I also like a tandem (2 blade) willow leaf combo. Our waters are pretty clear, so willow leaf blades are good for flash.

      Tight lines, and remember to have fun out there!

      Roger, The Smiling BassHole

  • Hi Roger,

    I am a beginner and doesn’t have a lot of experience in fishing. There are times that when I hear a fishing term, I get so clueless. I just have a question with this spinning baits, what kind of fish can I catch with these? Can i use it to all kinds?

    And where is the best place to get it? Preferably cheap.


    • Thanks Von!

      Spinnerbaits are primarily used to catch predatory fish, such as bass, pickerel, pike, perch, and so on. They are seldom (maybe never?) used on trout, salmon, steelhead, etc.

      You can get very inexpensive spinnerbaits (about $1!) at Walmart. I have no idea how good they are — it would mostly be a matter of how long they last. Bass hit spinnerbaits hard, and eventually the wires wear out.

      You can also buy them on Amazon. Here’s a link to a page with spinnerbaits.

      Let me know what you get, and how it works!

      Tight lines, and remember to have fun out there!

      Roger, The Smiling BassHole

  • Roger, interesting post to say the least. I like the way you have explained everything in great detail.

    For a newbie like me, it certainly does help knowing the different features and why certain things should be considered. Having said that, what sort of bait would you suggest for a newbie?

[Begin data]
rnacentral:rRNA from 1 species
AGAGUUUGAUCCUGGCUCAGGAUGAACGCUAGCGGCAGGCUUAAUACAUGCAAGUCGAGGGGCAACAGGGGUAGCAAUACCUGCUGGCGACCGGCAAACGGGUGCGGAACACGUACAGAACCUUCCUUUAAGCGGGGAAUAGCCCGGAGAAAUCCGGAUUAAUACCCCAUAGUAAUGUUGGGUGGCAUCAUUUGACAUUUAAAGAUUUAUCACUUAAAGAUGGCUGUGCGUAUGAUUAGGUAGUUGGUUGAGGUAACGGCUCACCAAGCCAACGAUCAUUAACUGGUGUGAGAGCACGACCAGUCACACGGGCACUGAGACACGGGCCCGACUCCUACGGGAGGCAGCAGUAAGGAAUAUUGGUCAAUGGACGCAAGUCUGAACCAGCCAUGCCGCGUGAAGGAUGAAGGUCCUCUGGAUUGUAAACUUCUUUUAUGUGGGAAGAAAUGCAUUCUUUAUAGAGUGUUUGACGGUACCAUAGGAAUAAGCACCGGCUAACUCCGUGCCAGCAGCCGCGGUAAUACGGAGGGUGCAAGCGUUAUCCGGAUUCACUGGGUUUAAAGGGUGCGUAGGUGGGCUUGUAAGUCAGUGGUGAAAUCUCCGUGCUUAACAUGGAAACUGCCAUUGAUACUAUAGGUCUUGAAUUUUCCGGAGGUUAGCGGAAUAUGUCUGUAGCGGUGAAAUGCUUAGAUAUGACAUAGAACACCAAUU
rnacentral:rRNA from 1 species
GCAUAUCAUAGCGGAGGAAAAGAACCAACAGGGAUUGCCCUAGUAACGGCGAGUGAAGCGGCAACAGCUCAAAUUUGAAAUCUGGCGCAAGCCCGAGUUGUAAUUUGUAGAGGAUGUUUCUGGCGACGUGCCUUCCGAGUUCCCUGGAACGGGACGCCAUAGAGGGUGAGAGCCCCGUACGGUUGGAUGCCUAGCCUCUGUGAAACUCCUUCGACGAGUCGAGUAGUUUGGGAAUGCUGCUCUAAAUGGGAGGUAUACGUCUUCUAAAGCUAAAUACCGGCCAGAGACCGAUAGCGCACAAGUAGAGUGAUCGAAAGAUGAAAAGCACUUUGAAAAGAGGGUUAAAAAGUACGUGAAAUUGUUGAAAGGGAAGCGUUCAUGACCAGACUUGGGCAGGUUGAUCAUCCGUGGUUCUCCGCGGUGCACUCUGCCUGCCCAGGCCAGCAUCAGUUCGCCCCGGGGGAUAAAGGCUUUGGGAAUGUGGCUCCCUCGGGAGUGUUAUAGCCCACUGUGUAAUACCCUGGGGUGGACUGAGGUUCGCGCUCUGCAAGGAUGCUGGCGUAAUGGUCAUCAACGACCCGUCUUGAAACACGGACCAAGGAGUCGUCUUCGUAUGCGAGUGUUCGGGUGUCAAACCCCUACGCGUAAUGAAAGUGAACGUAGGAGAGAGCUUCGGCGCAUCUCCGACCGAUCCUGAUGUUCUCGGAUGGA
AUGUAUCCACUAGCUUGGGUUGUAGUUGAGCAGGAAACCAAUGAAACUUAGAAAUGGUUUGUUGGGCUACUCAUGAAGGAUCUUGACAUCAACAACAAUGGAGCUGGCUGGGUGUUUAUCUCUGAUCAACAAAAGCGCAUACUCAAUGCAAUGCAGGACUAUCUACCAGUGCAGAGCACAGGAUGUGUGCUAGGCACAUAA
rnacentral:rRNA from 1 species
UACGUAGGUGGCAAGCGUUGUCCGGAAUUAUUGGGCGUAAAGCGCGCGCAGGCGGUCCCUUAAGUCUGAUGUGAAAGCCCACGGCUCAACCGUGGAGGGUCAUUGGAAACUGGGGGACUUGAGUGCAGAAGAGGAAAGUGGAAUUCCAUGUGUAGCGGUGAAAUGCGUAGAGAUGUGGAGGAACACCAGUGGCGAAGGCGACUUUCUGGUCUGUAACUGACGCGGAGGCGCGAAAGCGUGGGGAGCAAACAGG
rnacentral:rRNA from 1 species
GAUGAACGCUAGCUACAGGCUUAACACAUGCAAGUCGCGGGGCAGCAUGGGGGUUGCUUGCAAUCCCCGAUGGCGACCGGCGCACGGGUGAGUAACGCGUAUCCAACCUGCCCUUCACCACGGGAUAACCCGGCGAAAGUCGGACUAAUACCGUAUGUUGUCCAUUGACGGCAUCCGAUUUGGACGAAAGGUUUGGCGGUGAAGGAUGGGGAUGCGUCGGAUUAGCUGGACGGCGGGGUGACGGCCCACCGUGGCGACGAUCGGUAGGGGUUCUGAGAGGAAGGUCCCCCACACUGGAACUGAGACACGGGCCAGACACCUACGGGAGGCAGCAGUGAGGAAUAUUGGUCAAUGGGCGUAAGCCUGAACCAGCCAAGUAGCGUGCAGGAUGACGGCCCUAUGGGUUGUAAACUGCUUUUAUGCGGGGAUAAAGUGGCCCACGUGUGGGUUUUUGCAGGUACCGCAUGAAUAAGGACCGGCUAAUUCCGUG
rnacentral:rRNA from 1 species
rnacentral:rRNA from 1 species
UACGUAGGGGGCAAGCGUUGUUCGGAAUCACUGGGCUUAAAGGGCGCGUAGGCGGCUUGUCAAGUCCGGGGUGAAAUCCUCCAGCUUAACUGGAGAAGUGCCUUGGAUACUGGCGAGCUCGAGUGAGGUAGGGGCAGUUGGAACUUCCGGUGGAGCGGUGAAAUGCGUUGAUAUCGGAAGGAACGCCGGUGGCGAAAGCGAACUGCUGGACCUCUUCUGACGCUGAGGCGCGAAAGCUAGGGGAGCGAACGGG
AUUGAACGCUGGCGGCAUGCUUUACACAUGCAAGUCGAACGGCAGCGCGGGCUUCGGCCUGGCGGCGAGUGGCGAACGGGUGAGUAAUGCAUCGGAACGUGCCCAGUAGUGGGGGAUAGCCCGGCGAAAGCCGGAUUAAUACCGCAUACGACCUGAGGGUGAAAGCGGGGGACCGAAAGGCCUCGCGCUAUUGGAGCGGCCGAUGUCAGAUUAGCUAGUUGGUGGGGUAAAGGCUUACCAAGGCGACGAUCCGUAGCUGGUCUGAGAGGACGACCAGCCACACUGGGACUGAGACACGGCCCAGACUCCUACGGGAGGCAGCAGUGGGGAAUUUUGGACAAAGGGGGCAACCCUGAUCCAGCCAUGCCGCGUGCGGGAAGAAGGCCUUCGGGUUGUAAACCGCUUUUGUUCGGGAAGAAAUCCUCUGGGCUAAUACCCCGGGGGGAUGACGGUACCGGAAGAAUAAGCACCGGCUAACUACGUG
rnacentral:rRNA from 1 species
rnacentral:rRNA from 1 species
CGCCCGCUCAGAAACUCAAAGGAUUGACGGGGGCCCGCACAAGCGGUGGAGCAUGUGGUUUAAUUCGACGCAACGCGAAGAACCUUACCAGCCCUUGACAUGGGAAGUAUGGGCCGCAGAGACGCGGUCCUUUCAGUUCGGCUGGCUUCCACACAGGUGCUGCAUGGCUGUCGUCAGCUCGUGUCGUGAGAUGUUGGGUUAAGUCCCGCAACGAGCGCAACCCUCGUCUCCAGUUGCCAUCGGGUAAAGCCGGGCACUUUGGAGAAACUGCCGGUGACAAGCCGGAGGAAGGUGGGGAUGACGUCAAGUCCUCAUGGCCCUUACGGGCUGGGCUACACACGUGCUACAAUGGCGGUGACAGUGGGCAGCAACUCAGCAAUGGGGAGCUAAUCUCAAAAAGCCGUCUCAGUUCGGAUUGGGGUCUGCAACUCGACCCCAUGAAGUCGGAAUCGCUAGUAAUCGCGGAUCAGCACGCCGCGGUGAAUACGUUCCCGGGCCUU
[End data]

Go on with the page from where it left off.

• I’m not a fishing person but both my father and brother are. I’m sure that they would find this Post useful. I’m not sure whether they do have spinnerbaits. But you make it should easy that I am sure they would like this as a present. Thanks for the videos. They will be very helpful to my father and brother.

    • Thanks Owain!

      Spinnerbaits are used mostly for bass fishing, so if your father and brother fish for other species, they may use other lures. I’d love to hear what they do fish for, and have them share some of their “fish tales”!

      Thanks for sharing.

      Tight lines, and remember to have fun out there!

      Roger, The Smiling BassHole

  • Hi Roger
    Thanks for the great post. You’ve got me thinking that I’ll give my spinnerbaits some exercise the next time I go fishing. I will let you know how I do.

    • Thanks Amateur Angler (and I assume the “Amateur” refers to the precise meaning of the word: one who engages in a pursuit for pleasure”)!

      I’ve been reading up on spinnerbaits, and plan to learn more about them, since I do love them so much!

      Keep me posted!

      Tight lines!
      Roger, The Smiling BassHole